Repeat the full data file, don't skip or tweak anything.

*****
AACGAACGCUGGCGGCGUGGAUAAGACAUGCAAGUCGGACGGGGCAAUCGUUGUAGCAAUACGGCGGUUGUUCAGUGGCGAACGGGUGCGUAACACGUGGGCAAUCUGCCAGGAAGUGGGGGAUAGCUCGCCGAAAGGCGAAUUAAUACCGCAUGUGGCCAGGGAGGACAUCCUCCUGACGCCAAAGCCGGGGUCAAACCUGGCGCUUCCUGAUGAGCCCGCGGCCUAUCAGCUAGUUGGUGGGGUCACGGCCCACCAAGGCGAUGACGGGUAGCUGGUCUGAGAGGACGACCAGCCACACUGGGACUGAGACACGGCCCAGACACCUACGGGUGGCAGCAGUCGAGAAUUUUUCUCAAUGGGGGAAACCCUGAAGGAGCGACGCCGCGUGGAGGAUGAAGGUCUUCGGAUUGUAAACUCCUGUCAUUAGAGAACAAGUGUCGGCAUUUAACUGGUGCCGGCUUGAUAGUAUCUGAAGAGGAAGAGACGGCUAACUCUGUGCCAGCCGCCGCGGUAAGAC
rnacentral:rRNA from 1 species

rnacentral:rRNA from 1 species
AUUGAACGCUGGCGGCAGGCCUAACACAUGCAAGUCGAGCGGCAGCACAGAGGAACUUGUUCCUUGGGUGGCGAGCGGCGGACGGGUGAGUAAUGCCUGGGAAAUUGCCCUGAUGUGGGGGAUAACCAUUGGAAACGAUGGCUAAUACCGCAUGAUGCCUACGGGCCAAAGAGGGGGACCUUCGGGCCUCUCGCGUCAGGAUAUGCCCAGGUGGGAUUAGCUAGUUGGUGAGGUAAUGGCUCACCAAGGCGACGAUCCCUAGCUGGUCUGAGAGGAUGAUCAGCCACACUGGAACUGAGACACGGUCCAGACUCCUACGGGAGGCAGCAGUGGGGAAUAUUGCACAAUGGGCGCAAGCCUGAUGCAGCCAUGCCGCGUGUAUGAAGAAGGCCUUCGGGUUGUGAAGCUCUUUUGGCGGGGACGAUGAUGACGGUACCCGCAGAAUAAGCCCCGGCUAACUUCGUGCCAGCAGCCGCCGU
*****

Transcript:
AACGAACGCUGGCGGCGUGGAUAAGACAUGCAAGUCGGACGGGGCAAUCGUUGUAGCAAUACGGCGGUUGUUCAGUGGCGAACGGGUGCGUAACACGUGGGCAAUCUGCCAGGAAGUGGGGGAUAGCUCGCCGAAAGGCGAAUUAAUACCGCAUGUGGCCAGGGAGGACAUCCUCCUGACGCCAAAGCCGGGGUCAAACCUGGCGCUUCCUGAUGAGCCCGCGGCCUAUCAGCUAGUUGGUGGGGUCACGGCCCACCAAGGCGAUGACGGGUAGCUGGUCUGAGAGGACGACCAGCCACACUGGGACUGAGACACGGCCCAGACACCUACGGGUGGCAGCAGUCGAGAAUUUUUCUCAAUGGGGGAAACCCUGAAGGAGCGACGCCGCGUGGAGGAUGAAGGUCUUCGGAUUGUAAACUCCUGUCAUUAGAGAACAAGUGUCGGCAUUUAACUGGUGCCGGCUUGAUAGUAUCUGAAGAGGAAGAGACGGCUAACUCUGUGCCAGCCGCCGCGGUAAGAC
rnacentral:rRNA from 1 species

rnacentral:rRNA from 1 species
AUUGAACGCUGGCGGCAGGCCUAACACAUGCAAGUCGAGCGGCAGCACAGAGGAACUUGUUCCUUGGGUGGCGAGCGGCGGACGGGUGAGUAAUGCCUGGGAAAUUGCCCUGAUGUGGGGGAUAACCAUUGGAAACGAUGGCUAAUACCGCAUGAUGCCUACGGGCCAAAGAGGGGGACCUUCGGGCCUCUCGCGUCAGGAUAUGCCCAGGUGGGAUUAGCUAGUUGGUGAGGUAAUGGCUCACCAAGGCGACGAUCCCUAGCUGGUCUGAGAGGAUGAUCAGCCACACUGGAACUGAGACACGGUCCAGACUCCUACGGGAGGCAGCAGUGGGGAAUAUUGCACAAUGGGCGCAAGCCUGAUGCAGCCAUGCCGCGUGUAUGAAGAAGGCCUUCGGGUUGUGAAGCUCUUUUGGCGGGGACGAUGAUGACGGUACCCGCAGAAUAAGCCCCGGCUAACUUCGUGCCAGCAGCCGCCGU